AUGUSTA, Maine - A Maine legislator wants to make the state the first to require cell phones to carry warnings they can cause brain cancer, although there is no consensus among scientists they do and the industry disputes the claim.
Maine Rep. Andrea Boland (D., Sanford) said she had persuaded legislative leaders to allow her proposal to come up for debate in the 2010 session that begins next month.
Boland uses a cell phone, but with a speaker to keep it away from her head. At issue is radiation emitted by cell phones. Under her bill, manufacturers would have to put labels on phones warning of the potential for brain cancer associated with electromagnetic radiation.
A spokesman for the industry group CTIA-The Wireless Association said scientific evidence "overwhelmingly" indicates no health risk. The Federal Communications Commission has set a standard for the "specific absorption rate" of radio-frequency energy, but it does not require handset makers to divulge radiation levels. - AP
ANCHORAGE, Alaska - A 740-foot cargo ship was disabled and adrift 544 nautical miles southwest of Adak, Alaska, yesterday afternoon, the U.S. Coast Guard said. The ship was encountering 30-foot seas and winds higher than 60 m.p.h., the Coast Guard reported.
The ship, the APJ Suryavi, registered in India, was heading empty from China to the Columbia River in Oregon when its main engine failed and would not restart, said Coast Guard Chief Petty Officer Michelle Melino in Juneau, Alaska. There are 28 people on board, she said.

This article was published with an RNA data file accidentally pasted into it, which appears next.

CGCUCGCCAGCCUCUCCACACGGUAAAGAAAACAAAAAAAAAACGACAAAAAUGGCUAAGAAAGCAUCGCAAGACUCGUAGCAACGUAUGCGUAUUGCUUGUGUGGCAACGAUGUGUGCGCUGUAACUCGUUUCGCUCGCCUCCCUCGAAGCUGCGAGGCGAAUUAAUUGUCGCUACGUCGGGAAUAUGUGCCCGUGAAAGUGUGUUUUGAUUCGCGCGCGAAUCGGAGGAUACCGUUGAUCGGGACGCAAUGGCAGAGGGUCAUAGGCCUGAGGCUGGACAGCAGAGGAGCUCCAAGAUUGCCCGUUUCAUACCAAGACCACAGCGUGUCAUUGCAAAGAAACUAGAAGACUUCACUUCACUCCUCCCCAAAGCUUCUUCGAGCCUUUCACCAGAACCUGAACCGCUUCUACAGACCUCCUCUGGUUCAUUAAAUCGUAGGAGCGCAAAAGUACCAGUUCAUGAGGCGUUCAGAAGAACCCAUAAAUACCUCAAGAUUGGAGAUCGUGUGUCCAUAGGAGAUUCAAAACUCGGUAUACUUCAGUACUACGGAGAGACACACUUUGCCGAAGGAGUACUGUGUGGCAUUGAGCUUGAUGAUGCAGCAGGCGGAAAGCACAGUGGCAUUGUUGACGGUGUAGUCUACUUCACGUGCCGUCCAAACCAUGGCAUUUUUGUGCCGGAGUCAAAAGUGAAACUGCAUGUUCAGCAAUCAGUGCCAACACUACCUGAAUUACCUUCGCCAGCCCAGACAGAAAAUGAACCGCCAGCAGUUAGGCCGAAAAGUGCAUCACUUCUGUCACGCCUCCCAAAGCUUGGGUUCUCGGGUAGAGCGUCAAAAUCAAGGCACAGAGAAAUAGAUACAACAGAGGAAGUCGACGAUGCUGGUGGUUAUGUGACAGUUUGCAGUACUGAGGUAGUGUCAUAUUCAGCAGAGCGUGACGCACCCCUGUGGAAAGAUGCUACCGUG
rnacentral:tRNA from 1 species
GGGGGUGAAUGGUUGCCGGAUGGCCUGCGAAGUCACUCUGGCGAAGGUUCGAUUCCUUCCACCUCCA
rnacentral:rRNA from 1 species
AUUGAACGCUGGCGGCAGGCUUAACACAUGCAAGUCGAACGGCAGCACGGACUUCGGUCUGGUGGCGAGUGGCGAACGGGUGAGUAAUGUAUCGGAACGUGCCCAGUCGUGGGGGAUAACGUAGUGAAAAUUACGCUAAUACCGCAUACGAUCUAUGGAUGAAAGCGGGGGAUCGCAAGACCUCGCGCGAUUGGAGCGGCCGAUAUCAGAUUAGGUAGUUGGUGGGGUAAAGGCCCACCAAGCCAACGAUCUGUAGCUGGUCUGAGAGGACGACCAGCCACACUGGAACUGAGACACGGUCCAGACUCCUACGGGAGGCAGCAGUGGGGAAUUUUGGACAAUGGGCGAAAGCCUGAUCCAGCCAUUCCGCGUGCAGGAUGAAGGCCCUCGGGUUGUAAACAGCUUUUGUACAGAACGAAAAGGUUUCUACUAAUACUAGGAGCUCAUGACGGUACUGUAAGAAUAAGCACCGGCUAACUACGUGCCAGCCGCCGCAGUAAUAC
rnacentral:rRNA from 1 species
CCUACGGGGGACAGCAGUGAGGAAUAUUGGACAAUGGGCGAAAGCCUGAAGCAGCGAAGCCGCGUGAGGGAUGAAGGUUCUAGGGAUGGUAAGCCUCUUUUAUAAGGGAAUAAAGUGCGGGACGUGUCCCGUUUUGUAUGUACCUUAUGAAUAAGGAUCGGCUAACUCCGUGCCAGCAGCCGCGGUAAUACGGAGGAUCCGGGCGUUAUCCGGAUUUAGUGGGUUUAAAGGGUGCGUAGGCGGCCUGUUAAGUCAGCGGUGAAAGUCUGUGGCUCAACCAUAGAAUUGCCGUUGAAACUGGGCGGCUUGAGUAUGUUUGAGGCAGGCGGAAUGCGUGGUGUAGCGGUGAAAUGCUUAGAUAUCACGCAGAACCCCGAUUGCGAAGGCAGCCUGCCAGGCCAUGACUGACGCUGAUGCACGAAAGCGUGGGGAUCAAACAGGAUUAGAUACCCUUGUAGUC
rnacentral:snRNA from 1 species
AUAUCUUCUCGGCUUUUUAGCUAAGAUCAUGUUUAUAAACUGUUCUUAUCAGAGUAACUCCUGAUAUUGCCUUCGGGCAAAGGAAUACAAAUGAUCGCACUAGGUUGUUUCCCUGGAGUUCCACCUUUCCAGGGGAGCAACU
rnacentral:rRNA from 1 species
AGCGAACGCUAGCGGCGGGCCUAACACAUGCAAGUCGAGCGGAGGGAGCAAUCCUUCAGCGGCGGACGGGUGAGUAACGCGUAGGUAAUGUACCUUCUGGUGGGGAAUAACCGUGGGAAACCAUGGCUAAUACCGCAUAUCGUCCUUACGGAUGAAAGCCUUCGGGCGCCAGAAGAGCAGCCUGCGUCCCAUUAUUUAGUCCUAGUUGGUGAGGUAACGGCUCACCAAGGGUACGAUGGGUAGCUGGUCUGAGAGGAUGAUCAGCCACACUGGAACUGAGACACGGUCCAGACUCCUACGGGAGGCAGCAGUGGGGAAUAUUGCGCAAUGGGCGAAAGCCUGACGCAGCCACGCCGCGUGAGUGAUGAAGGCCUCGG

The ship is not taking on water and has life rafts, survival suits, and an emergency locator beacon, Melino said. The Coast Guard has sent a C-130 plane to check out the scene and drop life rafts, extra food and water, she said.
- McClatchy Newspapers
NEW YORK - Hundreds of holiday shoppers were evacuated from the flagship Macy's store in New York's Herald Square yesterday after a fire in an escalator spread smoke through the building. No injuries were immediately reported.
The fire occurred in an escalator between the third and fourth floors, said Elina Kazan, a Macy's spokeswoman. The sirens of numerous police and fire trucks on 34th Street blared long after the fire was reported at 4 p.m. on one of the busiest shopping days of the year.
Kazan said the fire did not occur within the store's wooden-stair escalators but instead occurred in one of the newer, metal models.
The store reopened and, Kazan said, would stay open until midnight. It was to reopen at 7 this morning and will stay open 24 hours a day until 6 p.m. Christmas Eve. - AP